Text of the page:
Plea to close public footpath across school field rejected despite head's 'child abduction' fears
By Lyndsay Oxley - Reporter
CONTROVERSIAL plans to close a popular school footpath in Barnard Castle have been turned down despite serious concerns over pupil safety, including claims of a possible child abduction.
An application to divert a public path away from Teesdale School’s grounds was considered at a special meeting called by Durham County Council’s highways committee last Friday (November 23).
Managers at the school had applied for the footpath to be re-routed to prevent unregulated public use of the track and enable improvements in school security. A new public bridleway was also proposed.
About 30 people attended the meeting, at Enterprise House, in Barnard Castle.
The executive headteacher at the school and chief executive of the North East Learning Trust, Janice Gorlach, said: “All the staff at Teesdale School worry everyday about access to the children from the public footpath. The path cuts the school into two and leaves the children wide open to multiple and serious dangers. We have averted a lot of things. If it was not for vigilance, we would be having different stories here.
“We had to have lock down in the summer which prevented 600 children being able to access the fields. That was in order to stop the abduction of one child we were alerted to. The school was built 60 years ago and the dangers for young people in our society did not exist as they do now. It is not fit for purpose now. It remains with us a constant worry.”
A new footpath was proposed along the access road to the TCR Hub from the A688, following the perimeter of the school grounds and linking with an existing footpath which would be extended to Strathmore Road past Teesdale Leisure Centre.
A number of objections were received in response to the diversion.
On behalf of Barnard Castle Town council, Cllr Frank Harrison said: “The altered route is substantially less convenient and would have a detrimental affect on public enjoyment of the path as a whole.”
Similarly, Barnard Castle Ramblers and the Open Spaces Society objected. Concerns were also raised about the A688 footway. The Open Spaces Society described the path as “unpleasant and dangerous”.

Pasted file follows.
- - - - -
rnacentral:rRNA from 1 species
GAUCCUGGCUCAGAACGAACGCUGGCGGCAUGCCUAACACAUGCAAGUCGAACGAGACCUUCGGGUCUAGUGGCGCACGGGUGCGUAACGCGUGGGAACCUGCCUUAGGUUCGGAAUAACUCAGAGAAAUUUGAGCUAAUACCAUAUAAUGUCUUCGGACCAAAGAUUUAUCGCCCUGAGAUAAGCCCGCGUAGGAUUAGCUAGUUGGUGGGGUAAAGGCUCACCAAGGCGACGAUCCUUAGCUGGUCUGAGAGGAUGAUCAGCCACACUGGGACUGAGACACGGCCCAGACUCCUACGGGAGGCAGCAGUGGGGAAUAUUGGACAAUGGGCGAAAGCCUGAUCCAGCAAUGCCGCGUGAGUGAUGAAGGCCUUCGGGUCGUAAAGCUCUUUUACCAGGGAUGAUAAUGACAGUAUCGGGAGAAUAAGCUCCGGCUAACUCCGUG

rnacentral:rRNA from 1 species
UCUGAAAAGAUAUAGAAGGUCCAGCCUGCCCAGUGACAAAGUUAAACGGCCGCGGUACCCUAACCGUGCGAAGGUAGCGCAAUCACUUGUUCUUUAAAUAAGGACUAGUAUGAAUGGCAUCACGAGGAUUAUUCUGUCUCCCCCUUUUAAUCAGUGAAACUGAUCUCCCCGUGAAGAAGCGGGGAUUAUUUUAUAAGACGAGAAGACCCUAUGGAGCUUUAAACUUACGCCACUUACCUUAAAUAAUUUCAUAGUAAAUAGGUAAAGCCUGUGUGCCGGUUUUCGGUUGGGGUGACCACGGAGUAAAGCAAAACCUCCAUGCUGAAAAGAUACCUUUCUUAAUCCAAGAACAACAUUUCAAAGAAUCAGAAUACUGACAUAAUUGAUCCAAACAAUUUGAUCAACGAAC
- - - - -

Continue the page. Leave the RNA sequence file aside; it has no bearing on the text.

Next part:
However, Durham County Council’s access and rights of way team leader, Mike Ogden, said: “The condition of the footpath alongside the A688 has been inspected by highways officers and they have no concerns about its condition and suitability for pedestrian usage.”
Cllr Paul Sexton said: “I walked round the route this morning. The road for me is a big concern. It did not feel very safe. I am sorry to hear that the school has had problems. I did not realise that there was such a problem here in Barnard Castle. I understand the need for security but I am yet to be convinced by any of it. I see no evidence of a potential abduction. I think the route all the way around is more than an inconvenience. I think it is dangerous.”
Meanwhile, committee member and Barnard Castle county councillor James Rowlandson said: “I have walked the route myself this morning and with wagons going past you do get blown around a bit. Children from Stainton Grove are using it as it is. If Durham County Council consider their safety as fine then we can’t really argue. For the children to be safe, I think it is a good idea that they enclose the school.”
The majority of councillors voted against the application for the diversion but gave the go-ahead for a creation order for a new public bridleway from Dent Gate Lane, along the former railway line, to Strathmore Road.
Speaking after the meeting, Ms Gorlach, said: “It is disappointing. At the end of the day we can’t go into detail about things that have happened for individual children. We have to enclose those fields. It will cost us vast amounts of money but we have no choice.”
Vehicle gates will be installed at the school car park during February half term. The top playing field will also be fenced off imminently.